Very few women in the race as some of the world’s biggest democracies go to the polls in 2...

Very few women in the race as some of the world’s biggest democracies go to the polls in 2024

More than 60 countries, including India, U.S., Indonesia, U.K., South Africa, Russia and Iran, are holding elections this year

This is the year of elections, with more than 60 countries, including some of the world’s most prominent democracies — India, U.S., Indonesia, U.K., South Africa — and others like Russia and Iran, all seeing polls in 2024. What stands out too, is that in none of these countries are women amongst the likely contenders for power. Mexico is an exception, with two women in leading positions for the Presidential election in June.

As a result, at the G20 in Brazil this November, Italian Prime Minister Giorgia Meloni could be the only other woman leader of a country, while European Commission president Ursula Von Der Leyen would be at the table depending on how she fares in the EU elections this summer. The previous decade actually fared better in terms of gender representation at the G20 high table: Germany’s Merkel, Argentina’s Kirchner, Australia’s Gillard, Brazil’s Rousseff and IMF Chief Lagarde all attended the G20 together in 2011 and 2012.

While the past century has seen a number of women occupying top positions, they make up only 23% of parliamentarians worldwide, leaving a whopping gender gap of over 50%. As of January 2024, there are only 26 countries where women serve as heads of state and/or government (in two countries they are in both positions). At this rate, UN Women calculates that “gender equality in the highest positions of power will not be reached for another 130 years”. It is not, however, the numbers of women in leadership roles, but the selective treatment they face when in positions of power that is possibly the most discouraging factor.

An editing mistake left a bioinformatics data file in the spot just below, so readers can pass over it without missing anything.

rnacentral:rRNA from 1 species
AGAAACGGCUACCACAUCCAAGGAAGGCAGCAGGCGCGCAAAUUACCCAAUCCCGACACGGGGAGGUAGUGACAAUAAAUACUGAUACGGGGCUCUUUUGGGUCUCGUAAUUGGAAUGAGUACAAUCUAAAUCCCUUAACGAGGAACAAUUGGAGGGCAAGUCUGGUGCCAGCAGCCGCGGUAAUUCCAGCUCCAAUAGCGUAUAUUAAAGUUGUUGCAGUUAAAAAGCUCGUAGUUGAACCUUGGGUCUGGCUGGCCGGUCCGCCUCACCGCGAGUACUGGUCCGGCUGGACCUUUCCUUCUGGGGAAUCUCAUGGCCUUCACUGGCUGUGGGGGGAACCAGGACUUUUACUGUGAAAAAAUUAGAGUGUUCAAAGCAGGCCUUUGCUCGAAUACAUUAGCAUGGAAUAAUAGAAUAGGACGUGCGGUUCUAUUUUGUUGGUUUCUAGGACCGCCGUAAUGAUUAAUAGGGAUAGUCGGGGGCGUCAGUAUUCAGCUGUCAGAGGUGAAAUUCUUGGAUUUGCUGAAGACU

Tackling double standards

When she stood up to make her famous “misogyny speech” in parliament in 2012, Australian Prime Minister Julia Gillard couldn’t have been clearer, or angrier about the treatment. The parliament speaker at the time had been accused of sexually harassing a junior, but the attack by then opposition leader (subsequently Prime Minister) Tony Abott was focused on Gillard directly, admonishing her for covering up the speaker’s crimes, and even accusing her of sexism.

“The Leader of the Opposition says ‘do something’; well he could do something himself if he wants to deal with sexism in this Parliament. He could change his behaviour, he could apologise for all his past statements, he could apologise for standing next to signs describing me as a witch and a bi***,” Gillard said, detailing some of the abuse hurled at her.

The speech was hailed around the world, and even turned into a song. Gillard’s words resounded with women in public office everywhere, who face a double standard when it comes to how they are reported on, expected to behave and competed with. “For the three years and three days that Julia Gillard was prime minister of Australia, we debated the fit of her jackets, the size of her bottom, the exposure of her cleavage, the cut of her hair, the tone of her voice, the legitimacy of her rule and whether she had chosen, as one member of Parliament from the opposition Liberal Party put it, to be “deliberately barren”, wrote Julie Baird in The New York Times a year later, after Gillard, Australia’s first female Prime Minister (and only one thus far), resigned a year later.